Taurus 617 CCW
October 6, 2013, 11:08 AM
I was hired on at a range as a secondary gunsmith. Because of my customer service experience, organization/computer skills, and ability to work with little to no structure/supervision, I have become the only gunsmith working full time. The mechanical aptitude is great and the machining background will help you immensely but you can not survive as a gunsmith without customer service skills and organization. The customer is purchasing just as much of your personality as they are the service you provide.

Knowing what to expect before starting a job (and communicating that to the customer) is also very important but that comes with experience. You can avoid many angry phone calls if you stay in communication with your customers.

CraigC
October 8, 2013, 02:33 AM
Both, along with business and English. You need the skills to do your job but you also need to know how to run a business. Or you won't be in business long. Lots of skilled, hard-working folk out there who do a great job but fail because they don't take care of their business.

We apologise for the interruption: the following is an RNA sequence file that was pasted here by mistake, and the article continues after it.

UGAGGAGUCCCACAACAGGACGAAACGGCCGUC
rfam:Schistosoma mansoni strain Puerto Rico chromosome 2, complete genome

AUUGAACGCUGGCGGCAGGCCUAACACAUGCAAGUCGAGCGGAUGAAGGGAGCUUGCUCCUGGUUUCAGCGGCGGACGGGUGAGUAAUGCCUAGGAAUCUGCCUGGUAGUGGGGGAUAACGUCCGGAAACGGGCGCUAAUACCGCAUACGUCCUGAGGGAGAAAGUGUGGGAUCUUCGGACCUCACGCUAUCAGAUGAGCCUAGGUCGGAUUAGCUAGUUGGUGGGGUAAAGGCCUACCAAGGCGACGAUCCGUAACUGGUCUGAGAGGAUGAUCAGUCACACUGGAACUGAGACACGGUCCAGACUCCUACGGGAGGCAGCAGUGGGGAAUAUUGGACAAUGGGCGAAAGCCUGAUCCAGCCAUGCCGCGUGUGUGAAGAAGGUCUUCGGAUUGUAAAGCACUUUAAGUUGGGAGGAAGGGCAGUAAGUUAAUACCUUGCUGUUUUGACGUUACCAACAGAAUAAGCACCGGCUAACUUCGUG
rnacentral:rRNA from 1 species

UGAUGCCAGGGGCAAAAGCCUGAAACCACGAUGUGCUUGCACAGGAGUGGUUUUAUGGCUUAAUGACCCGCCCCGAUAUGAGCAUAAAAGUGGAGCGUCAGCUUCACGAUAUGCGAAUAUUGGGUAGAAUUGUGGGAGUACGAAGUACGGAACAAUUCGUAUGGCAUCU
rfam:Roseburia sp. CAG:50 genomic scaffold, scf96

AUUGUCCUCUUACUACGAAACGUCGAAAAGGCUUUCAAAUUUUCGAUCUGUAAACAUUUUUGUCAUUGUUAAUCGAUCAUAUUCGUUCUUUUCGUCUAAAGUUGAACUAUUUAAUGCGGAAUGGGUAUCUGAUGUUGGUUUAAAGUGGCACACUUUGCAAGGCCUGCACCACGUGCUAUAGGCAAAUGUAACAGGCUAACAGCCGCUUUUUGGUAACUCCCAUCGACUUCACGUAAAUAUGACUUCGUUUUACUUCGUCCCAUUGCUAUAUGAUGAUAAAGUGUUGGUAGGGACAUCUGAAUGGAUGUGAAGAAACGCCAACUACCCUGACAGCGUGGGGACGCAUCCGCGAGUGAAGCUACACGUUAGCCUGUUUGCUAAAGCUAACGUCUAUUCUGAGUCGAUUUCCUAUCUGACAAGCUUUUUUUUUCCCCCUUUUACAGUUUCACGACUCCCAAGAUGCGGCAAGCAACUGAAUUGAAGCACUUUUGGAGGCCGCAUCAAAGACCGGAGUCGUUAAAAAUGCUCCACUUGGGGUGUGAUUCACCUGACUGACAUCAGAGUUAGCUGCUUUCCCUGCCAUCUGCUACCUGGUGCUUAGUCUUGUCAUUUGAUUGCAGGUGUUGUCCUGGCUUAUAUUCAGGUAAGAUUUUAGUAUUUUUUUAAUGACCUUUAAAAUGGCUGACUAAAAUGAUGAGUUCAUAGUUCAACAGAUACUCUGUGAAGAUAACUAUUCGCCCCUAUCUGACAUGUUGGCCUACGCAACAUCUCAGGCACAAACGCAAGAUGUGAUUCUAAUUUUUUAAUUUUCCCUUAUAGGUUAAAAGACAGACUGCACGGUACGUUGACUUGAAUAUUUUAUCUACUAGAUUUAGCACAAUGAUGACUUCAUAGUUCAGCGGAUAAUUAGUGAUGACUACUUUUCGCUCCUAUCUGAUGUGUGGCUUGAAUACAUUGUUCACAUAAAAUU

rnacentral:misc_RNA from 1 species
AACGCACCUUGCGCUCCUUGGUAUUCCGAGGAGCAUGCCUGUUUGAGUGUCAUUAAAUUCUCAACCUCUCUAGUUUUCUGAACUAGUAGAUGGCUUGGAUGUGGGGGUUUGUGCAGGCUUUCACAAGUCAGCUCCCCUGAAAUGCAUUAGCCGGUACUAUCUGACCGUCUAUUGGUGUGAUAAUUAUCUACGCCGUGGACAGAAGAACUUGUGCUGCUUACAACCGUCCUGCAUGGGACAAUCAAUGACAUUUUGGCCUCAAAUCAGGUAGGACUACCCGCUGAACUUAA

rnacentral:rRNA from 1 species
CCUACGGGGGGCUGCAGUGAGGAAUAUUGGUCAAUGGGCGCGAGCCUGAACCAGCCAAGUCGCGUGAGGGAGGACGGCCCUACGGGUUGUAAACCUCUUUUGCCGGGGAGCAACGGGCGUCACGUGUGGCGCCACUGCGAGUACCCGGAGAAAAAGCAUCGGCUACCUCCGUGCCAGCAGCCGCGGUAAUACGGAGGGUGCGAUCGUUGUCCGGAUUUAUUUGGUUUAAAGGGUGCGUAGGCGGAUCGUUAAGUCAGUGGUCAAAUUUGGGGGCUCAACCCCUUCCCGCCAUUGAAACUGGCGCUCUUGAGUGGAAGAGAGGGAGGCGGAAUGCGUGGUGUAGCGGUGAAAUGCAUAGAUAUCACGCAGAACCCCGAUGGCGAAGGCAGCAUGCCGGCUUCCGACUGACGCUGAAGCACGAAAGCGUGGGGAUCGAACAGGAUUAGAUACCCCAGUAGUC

jalex1941
October 15, 2013, 04:30 AM
Sorry that I haven't really followed up on this post, I really appreciate the suggestions everyone has given. I have decided to attend a local tech college to learn the basics of using a lathe, and hope to learn to use a mill soon following from either a school or working at a machine shop.

Now on my grammar; I usually have fairly decent grammar however I do tend to lack it when I use a computer because it just doesn't feel as natural as when I am writing. I will follow the suggestions to become more competent at typing.

Sam1911
October 15, 2013, 08:06 AM
Sounds like a plan!

As much as it will probably not appeal right now, if you ever do get the chance to take a basic class or two in business and/or accounting it will REALLY help you!